Antioxidant levels had increased by more than 34% immediately after cooking. They theorized that heating softened the carrot external tissue, allowing phenolics attached o the cell wall to be released. They also found that keeping the outer skin on the carrots also boosted antioxidant activity slightly.

The study's lead author, Luke Howard, told Reuters Health that, "Many consumers think that fresh vegetables are always superior in nutritional quality than processed vegetables, but this does not appear to be true, particularly for carrots."

The Myth of Lost Nutrients

Recently, a team of five researchers from two universities, Anapoli and Parma, studied what happened2 to the nutritional content of carrots, broccoli and zucchini (known as courgettes in Britian) when the foods were steamed, boiled or fried. It was found that cooking these vegetables with water, steaming or boiling them, retains their antioxidants better than frying as a cooking style.

Steaming broccoli increases its glucosinalates, which may help fight cancer, compared with consuming raw broccoli. All three ways of cooking were responsible for increased antioxidant levels. The researchers theorized that this due to the "softening of the vegetable cell matrix where valuable nutritional compounds are bound."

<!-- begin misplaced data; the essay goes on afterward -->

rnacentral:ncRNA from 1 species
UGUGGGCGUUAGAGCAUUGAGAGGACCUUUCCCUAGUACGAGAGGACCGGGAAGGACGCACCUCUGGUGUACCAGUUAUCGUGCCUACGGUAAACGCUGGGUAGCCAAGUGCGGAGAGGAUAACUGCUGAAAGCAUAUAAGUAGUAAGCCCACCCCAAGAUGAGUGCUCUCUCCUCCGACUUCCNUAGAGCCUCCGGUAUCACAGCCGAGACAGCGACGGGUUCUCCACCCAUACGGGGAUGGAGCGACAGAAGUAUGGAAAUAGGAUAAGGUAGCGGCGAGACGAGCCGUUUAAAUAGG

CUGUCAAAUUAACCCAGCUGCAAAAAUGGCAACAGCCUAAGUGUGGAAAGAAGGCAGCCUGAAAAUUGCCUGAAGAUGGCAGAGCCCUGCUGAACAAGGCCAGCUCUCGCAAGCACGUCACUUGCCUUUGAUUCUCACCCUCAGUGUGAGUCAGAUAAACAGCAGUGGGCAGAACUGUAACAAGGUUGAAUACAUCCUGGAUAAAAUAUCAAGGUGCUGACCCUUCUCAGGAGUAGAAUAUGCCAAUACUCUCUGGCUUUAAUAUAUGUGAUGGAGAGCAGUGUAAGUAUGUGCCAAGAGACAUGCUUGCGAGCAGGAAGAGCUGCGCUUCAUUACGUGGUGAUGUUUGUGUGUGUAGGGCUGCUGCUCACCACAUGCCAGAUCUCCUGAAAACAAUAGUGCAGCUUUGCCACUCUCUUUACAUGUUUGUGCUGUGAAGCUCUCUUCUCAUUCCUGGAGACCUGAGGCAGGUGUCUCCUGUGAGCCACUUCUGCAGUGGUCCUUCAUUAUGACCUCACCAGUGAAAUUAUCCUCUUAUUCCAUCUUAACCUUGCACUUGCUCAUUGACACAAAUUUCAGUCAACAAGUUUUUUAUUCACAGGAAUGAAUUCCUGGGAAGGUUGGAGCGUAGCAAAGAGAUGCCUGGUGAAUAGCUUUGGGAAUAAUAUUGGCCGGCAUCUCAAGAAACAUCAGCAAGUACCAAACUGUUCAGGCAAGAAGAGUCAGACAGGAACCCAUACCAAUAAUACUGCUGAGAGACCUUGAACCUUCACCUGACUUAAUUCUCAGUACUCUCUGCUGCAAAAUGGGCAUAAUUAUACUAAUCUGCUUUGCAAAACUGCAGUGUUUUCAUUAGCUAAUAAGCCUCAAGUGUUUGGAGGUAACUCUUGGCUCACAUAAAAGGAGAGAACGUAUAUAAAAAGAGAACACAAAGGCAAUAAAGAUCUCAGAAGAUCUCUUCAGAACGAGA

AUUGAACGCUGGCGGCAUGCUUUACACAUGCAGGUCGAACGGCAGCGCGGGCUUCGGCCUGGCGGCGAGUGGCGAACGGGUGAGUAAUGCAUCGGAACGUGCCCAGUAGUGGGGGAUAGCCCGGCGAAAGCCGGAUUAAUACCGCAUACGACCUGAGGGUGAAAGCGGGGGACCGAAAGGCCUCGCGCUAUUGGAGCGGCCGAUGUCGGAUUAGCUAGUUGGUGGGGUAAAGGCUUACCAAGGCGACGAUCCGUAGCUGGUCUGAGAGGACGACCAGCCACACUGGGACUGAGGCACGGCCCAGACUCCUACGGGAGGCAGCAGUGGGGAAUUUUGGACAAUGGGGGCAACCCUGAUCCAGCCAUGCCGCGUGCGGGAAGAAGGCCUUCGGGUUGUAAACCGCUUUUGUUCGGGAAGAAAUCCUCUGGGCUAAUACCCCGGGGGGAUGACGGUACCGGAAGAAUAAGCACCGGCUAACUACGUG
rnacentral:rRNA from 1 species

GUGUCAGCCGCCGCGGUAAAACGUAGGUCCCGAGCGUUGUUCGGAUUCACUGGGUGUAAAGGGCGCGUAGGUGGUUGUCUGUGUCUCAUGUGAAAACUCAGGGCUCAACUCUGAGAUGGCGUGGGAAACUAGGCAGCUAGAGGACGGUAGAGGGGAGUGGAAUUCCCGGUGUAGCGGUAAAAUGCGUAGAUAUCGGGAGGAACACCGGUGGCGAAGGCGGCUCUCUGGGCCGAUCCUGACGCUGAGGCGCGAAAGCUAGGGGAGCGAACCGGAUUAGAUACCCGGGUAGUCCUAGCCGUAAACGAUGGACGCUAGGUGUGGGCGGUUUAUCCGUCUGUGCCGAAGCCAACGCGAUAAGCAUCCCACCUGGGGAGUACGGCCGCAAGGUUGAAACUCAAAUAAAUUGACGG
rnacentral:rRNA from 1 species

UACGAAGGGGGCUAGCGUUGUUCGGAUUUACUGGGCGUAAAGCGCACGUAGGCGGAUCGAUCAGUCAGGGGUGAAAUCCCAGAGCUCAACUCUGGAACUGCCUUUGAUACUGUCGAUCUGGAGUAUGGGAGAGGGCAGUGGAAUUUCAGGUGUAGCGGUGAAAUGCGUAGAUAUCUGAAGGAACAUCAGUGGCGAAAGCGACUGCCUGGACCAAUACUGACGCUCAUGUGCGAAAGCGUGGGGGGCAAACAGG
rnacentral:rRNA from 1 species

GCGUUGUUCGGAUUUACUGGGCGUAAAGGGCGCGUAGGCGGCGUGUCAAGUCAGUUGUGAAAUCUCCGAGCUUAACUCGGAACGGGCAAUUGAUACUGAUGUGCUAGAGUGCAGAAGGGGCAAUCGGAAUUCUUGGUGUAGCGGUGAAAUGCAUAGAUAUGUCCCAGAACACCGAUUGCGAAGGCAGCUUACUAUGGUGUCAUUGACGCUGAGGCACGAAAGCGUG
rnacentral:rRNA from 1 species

Unfortunately, sloppy science prevails in the raw-food movement. The more extreme advocates for a raw diet mistakenly conclude, and in black and white tones, that all cooked foods are bad. This is simply, not true. It is true that food cooked at extremely high temperatures, especially when it's fried or barbecued, form toxic compounds while many nutrients diminish.

Overcooking can also reduce some of the important water-soluble vitamins (vitamin c and b-complex groups) that we require on a daily basis.

And, it's equally true that some enzymes which function as phytochemical nutrients in our body can be easily destroyed by overcooking. However, cooking in many cases of food preparation, is required for better absorption and to meet human nutritional needs.

Minimal amounts of nutrients are reduced by common forms of cooking such as in the making of soup. In fact, some nutrients are made more absorbable. These nutrients would have been absent if the vegetables had been eaten raw. Cooking can actually destroy some of the harmful anti-nutrients that bind intestinal minerals and block the utilization of nutrients.